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Archive for the ‘Welfare’ Category

Certain redistribution programs are called “entitlements” because anybody who meets various criteria is “entitled” to automatically get money or other benefits.

Economists worry that such programs (particularly the “means-tested” entitlements) create perverse incentives since some people will choose to work less and earn less in order to maximize the amount of handouts they receive. Such behavior is immoral, but understandable. People learn that if they make sacrifices and work more, the reward is taxation, whereas if they work less (or not at all), the reward is freebies from the government.

And the problem presumably is worse in places where there is a greater amount of redistribution (if you’re curious, here’s the data on which states and countries have the most profligate package of benefits).

But the problem goes beyond simply luring people into idleness with bad incentives. When politicians create programs that give away money, they also create opportunities for outright fraud. Which is a pervasive problem, as illustrated by these examples.

Let’s travel to Minnesota to get a sense of the magnitude of the problem.

Minnesota’s Pioneer Press reports on a government audit that found one-third of welfare recipients improperly received handouts.

A review by Minnesota’s legislative auditor has found that some of Minnesota’s welfare programs do a poor job of ensuring benefits don’t go to ineligible people… It found significant error rates in the Temporary Assistance For Needy Families program, which provides cash and other benefits to low-income families with children. …the audit found eight of 24 families it reviewed weren’t eligible for benefits they received.

That’s not a large sample size, so we don’t know if the actual overall error rate is higher or lower than 33 percent, but the audit certainly suggests that there is a major problem.

It’s also not clear how much of the problem is caused by accident and how much is caused by fraud. Presumably the latter, but it’s quite possible that some people aren’t knowingly bilking the system.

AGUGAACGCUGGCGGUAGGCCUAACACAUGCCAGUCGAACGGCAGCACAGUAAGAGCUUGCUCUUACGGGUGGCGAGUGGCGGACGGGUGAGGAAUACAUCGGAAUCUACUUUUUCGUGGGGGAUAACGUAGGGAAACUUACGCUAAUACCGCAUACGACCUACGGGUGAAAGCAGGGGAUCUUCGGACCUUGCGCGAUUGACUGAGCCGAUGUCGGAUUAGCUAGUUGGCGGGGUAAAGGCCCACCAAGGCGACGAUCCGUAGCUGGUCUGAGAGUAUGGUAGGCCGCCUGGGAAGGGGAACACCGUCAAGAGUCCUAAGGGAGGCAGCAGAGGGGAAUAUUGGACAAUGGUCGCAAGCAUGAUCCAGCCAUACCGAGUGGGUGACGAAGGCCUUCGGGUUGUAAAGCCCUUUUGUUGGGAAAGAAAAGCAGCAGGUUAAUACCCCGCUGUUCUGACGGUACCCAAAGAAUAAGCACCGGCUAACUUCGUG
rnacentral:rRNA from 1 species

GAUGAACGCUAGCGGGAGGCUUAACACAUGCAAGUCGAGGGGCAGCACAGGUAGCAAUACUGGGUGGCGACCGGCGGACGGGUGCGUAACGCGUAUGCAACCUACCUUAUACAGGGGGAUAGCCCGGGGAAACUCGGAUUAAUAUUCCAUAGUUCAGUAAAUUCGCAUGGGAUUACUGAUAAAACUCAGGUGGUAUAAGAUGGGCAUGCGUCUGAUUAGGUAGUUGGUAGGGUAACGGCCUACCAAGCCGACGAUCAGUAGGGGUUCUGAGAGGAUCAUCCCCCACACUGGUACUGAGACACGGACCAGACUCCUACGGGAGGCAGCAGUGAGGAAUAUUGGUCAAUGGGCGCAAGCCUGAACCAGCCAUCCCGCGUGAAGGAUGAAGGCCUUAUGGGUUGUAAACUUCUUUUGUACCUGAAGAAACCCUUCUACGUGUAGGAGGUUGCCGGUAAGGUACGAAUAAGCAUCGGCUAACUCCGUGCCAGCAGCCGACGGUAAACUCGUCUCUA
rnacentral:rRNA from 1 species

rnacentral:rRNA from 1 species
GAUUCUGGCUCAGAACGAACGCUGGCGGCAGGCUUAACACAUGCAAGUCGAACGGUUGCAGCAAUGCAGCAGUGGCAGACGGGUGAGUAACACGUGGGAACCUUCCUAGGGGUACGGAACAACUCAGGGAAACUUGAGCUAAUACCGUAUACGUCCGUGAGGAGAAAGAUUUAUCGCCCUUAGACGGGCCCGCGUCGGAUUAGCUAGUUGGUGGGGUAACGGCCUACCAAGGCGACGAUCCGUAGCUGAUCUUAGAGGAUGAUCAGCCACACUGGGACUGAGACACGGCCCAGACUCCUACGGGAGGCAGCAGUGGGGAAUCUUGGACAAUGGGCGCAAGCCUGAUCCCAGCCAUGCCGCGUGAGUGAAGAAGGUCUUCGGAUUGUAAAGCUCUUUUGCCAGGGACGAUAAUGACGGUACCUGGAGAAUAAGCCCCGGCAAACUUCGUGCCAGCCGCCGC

But in some cases, there’s no ambiguity. The Sun has a horror story about a stunning case of welfare fraud.

Fozia Dualeh, 39, was charged with felony theft in Anoka County District Court, as prosecutors say she received $118,000 in government aid over roughly an 18 month period. According to the complaint, Dualeh exploited three public benefit programs from January 2015 to August 2015 which included $24,176 in food support, $85,582 in child care assistance and $8,996 in medical assistance overpayments.

Wow, almost $120K over 1-1/2 years. That’s an impressive haul, though perhaps not too surprising given the dozens of handout programs that – when combined – make idleness relatively lucrative.

In any event, Ms. Dualeh claimed she was eligible for that huge package of handouts because her husband was no longer part of the family.

But that wasn’t true.

A search of the home by authorities in late October 2015 led to the discovery of Dualeh’s husband, who is also the children’s father, Abdikhadar Ismail, hiding under a blanket in the master bedroom, charges said. Several articles of mens clothing were found in a chest, as well as numerous documents and mail throughout the home belonging to Ismail. Ismail also listed the family’s address on two vehicles and with his employer, a residential health care business.

Given the large sums of money involved, the Center of the American Experiment probably deserves an award for most-understated headline on this issue.

Though at the risk of being a pedantic libertarian, I would prefer if the headline said “Lucrative” instead of “Profitable.” After all, as Walter Williams has explained that profit is a meritorious reward for serving others.

But we can all probably agree that Ms. Dualeh deserves membership in the Moocher Hall of Fame.

P.S. I wouldn’t be surprised if Ms. Dualeh was introduced to the welfare system thanks to America’s poorly designed refugee program.

P.P.S. On the broader issue of redistribution and economics, this Wizard-of-Id parody contains a lot of insight about labor supply and incentives. As does this Chuck Asay cartoon and this Robert Gorrell cartoon.

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Whenever mass shootings occur, some people quickly jump to conclusions before there’s any evidence.

Folks on the right are occasionally guilty of immediately assuming Islamic terrorism, which is somewhat understandable. Folks on the left, meanwhile, are sometimes guilty of instinctively assuming Tea Party-inspired violence (I’m not joking).

I confess that I’m prone to do something similar. Whenever there is a terrorist attack, I automatically wonder if we’ll find out welfare payments and other goodies from the government helped subsidize the evil actions.

In my defense, there’s a reason I think this way. Whether we’re talking about Jihadi John or the Tsarnaev brothers, there are lots of examples of dirtbag terrorists getting handouts from taxpayers.